This meal symbolized, rather than replicated, the first Plymouth celebration. Where Plymouth had feared starvation, Hale assumed easy abundance, replacing hunted and foraged foods with those from the nation’s bountiful farms. She insisted upon pumpkin pie and many other dishes unknown to the first celebrants, who rejoiced over what they’d been able to grow, rather than what they had chosen to eat.
Hale’s was the new domestic ideal. Still, Twain’s menu suggests that wild foods continued to give American cuisine its unmistakable character. On Thanksgiving, Twain wanted a domestic turkey, with cranberry sauce and stuffing. But every Christmas, he delighted in the gift of a brace of prairie hens a dear friend sent him by rail from the Illinois tall grass.
Even some farmed foods had recent wild roots, such as the cranberries first cultivated a mere half-century earlier. Though the majority of foods in Twain’s day were domestic, the wild ones were distinct and wonderful, rooting meals in the natural world as cultivated things never could.
His menu celebrated the amazingly varied landscapes of an entire nation. Shad from Connecticut, mussels from San Francisco, brook trout from the Sierras and partridges from Missouri all found their place alongside apple dumplings, Southern-style egg bread, “American toast,” and strawberries, which were “not to be doled out as if they were jewelry, but in a more liberal way.”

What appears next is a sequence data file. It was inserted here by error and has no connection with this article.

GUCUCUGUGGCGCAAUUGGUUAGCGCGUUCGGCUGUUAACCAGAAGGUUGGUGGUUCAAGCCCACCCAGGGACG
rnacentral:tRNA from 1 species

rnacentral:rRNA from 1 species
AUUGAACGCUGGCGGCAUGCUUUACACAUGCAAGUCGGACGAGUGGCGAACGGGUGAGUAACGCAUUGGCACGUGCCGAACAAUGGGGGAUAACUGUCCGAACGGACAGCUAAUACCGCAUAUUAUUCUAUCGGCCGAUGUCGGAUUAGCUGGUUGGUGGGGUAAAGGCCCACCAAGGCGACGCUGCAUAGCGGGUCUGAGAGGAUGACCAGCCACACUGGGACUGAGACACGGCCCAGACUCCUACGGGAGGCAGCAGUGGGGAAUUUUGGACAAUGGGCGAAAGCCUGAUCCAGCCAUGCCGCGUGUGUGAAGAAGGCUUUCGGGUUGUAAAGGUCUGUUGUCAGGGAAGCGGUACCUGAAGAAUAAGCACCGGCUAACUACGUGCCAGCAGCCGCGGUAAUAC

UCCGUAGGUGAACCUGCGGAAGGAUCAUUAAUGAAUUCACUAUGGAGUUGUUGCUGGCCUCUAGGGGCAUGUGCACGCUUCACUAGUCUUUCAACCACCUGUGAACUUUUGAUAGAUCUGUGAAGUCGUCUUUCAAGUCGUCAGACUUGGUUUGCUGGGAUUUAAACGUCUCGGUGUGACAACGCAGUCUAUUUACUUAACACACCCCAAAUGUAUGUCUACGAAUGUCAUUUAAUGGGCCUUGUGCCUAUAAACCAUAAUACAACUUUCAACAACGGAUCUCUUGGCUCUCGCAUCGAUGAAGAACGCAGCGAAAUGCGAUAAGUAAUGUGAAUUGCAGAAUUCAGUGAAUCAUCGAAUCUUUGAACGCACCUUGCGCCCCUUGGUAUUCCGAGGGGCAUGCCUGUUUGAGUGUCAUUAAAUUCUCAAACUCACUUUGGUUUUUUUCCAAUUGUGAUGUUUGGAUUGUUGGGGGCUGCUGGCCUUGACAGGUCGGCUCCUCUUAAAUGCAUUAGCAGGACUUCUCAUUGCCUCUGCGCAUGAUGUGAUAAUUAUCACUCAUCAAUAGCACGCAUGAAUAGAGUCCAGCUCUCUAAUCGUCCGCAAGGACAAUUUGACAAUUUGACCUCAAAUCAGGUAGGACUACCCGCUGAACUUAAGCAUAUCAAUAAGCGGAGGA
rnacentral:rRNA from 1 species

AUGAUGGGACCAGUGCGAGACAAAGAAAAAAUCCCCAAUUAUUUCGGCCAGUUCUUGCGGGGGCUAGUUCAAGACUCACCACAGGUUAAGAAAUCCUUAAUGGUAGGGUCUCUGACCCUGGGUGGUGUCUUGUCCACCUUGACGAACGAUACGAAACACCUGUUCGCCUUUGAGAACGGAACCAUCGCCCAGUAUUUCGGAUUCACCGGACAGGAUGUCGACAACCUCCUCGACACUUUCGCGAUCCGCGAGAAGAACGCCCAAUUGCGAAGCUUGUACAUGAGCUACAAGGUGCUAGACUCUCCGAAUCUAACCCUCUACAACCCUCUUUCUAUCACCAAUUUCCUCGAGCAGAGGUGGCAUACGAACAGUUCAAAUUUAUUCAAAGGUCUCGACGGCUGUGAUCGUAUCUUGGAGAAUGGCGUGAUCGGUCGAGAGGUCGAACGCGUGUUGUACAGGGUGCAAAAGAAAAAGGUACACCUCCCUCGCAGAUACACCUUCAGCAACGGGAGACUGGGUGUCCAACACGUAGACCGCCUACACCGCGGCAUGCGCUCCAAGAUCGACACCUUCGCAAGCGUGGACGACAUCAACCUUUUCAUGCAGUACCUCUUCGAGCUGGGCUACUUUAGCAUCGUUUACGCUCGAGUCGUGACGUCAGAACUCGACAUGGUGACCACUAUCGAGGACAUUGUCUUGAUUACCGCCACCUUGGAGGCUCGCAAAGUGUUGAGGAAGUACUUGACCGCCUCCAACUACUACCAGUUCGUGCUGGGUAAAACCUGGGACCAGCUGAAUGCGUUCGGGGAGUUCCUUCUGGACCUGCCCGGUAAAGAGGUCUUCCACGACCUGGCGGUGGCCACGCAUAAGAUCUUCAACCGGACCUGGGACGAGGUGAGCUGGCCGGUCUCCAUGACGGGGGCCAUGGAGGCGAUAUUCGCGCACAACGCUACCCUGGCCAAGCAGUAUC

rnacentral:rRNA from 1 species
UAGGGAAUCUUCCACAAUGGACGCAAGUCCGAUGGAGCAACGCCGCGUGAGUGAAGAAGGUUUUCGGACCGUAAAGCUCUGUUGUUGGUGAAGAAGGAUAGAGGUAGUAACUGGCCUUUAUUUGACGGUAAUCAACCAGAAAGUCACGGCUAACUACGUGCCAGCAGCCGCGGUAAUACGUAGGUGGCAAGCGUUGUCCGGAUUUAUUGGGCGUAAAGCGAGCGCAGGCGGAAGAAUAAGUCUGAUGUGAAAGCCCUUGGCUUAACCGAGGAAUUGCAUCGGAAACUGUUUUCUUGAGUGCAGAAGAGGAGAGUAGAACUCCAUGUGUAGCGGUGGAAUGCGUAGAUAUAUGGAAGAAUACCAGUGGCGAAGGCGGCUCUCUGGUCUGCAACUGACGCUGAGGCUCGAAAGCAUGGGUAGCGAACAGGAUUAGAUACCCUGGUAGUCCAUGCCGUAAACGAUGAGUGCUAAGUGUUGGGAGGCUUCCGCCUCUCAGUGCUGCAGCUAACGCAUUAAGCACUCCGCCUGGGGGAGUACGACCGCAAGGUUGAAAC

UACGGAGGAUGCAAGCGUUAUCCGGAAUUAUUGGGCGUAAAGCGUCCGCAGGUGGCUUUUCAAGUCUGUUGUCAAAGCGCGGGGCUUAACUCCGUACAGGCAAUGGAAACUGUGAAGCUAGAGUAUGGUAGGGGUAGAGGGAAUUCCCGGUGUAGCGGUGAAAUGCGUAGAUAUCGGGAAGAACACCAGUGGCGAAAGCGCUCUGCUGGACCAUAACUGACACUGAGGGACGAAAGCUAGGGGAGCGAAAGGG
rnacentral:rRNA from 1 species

In a sense, Twain’s menu was a biographical sketch, for during a lifetime of travel he had eaten each and every one of the wild foods near its source. But it was also a portrait of what American food could be at its best: a cuisine with a deep sense of place, reflecting a splendid jumble of national landscapes and the people who lived in and off them.
The Pilgrims appreciated wild foods for their contribution to survival; Twain, for their taste and their hold on his memory. All saw the foods as fundamental to the America they knew. None would have imagined that many would one day be seen as curiosities.
But with the exception of fish, today it is vanishingly rare to find wild foods in our marketplaces. The 10 million prairie hens in the Illinois of Twain’s day have diminished to a mere 300 birds; his terrapin struggle to survive amid wounded Eastern wetlands; his titanic Lahontan cutthroat “lake trout, from Tahoe” were killed off by over-fishing and the introduction of invasive species. Tasting some of Twain’s wild things is impossible or illegal, with more limited to dedicated hunters and fishermen.
Preserving or restoring the wild foods that remain begins with appreciating what they have to offer — extraordinary taste and smell, certainly, but also the joy of experiencing the marshes and mountains and lakes these plants and birds and animals rely upon. We have a great deal to learn from Twain’s instinctive premise: that losing a wild food means losing part of the landscape of our lives.
Andrew Beahrs, the author of the novel The Sin Eaters and the forthcoming Twain’s Feast.